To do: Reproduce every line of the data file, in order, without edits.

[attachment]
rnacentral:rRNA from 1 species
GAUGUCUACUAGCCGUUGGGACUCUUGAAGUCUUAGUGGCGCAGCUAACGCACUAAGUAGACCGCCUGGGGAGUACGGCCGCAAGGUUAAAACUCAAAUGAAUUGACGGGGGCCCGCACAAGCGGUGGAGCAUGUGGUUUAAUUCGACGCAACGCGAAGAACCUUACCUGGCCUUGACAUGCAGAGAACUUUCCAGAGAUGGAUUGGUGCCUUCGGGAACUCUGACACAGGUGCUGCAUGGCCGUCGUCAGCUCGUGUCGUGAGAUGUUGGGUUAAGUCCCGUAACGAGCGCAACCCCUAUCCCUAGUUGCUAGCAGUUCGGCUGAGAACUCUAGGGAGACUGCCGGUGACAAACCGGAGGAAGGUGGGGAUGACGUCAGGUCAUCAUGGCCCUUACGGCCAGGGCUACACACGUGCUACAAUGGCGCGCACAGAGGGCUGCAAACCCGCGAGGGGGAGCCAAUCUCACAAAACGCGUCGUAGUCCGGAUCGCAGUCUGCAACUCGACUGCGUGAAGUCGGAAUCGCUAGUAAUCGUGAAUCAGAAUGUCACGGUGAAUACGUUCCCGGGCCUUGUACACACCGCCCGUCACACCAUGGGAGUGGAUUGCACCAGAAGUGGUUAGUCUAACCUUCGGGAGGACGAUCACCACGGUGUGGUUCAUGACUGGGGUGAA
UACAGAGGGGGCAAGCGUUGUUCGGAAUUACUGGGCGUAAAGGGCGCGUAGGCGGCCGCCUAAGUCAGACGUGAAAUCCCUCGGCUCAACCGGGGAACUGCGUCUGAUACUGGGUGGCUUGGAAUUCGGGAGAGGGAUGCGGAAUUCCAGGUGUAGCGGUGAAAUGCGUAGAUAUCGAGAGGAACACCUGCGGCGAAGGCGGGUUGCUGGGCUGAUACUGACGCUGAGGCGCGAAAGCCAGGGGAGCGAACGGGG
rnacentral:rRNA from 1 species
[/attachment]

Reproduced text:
rnacentral:rRNA from 1 species
GAUGUCUACUAGCCGUUGGGACUCUUGAAGUCUUAGUGGCGCAGCUAACGCACUAAGUAGACCGCCUGGGGAGUACGGCCGCAAGGUUAAAACUCAAAUGAAUUGACGGGGGCCCGCACAAGCGGUGGAGCAUGUGGUUUAAUUCGACGCAACGCGAAGAACCUUACCUGGCCUUGACAUGCAGAGAACUUUCCAGAGAUGGAUUGGUGCCUUCGGGAACUCUGACACAGGUGCUGCAUGGCCGUCGUCAGCUCGUGUCGUGAGAUGUUGGGUUAAGUCCCGUAACGAGCGCAACCCCUAUCCCUAGUUGCUAGCAGUUCGGCUGAGAACUCUAGGGAGACUGCCGGUGACAAACCGGAGGAAGGUGGGGAUGACGUCAGGUCAUCAUGGCCCUUACGGCCAGGGCUACACACGUGCUACAAUGGCGCGCACAGAGGGCUGCAAACCCGCGAGGGGGAGCCAAUCUCACAAAACGCGUCGUAGUCCGGAUCGCAGUCUGCAACUCGACUGCGUGAAGUCGGAAUCGCUAGUAAUCGUGAAUCAGAAUGUCACGGUGAAUACGUUCCCGGGCCUUGUACACACCGCCCGUCACACCAUGGGAGUGGAUUGCACCAGAAGUGGUUAGUCUAACCUUCGGGAGGACGAUCACCACGGUGUGGUUCAUGACUGGGGUGAA
UACAGAGGGGGCAAGCGUUGUUCGGAAUUACUGGGCGUAAAGGGCGCGUAGGCGGCCGCCUAAGUCAGACGUGAAAUCCCUCGGCUCAACCGGGGAACUGCGUCUGAUACUGGGUGGCUUGGAAUUCGGGAGAGGGAUGCGGAAUUCCAGGUGUAGCGGUGAAAUGCGUAGAUAUCGAGAGGAACACCUGCGGCGAAGGCGGGUUGCUGGGCUGAUACUGACGCUGAGGCGCGAAAGCCAGGGGAGCGAACGGGG
rnacentral:rRNA from 1 species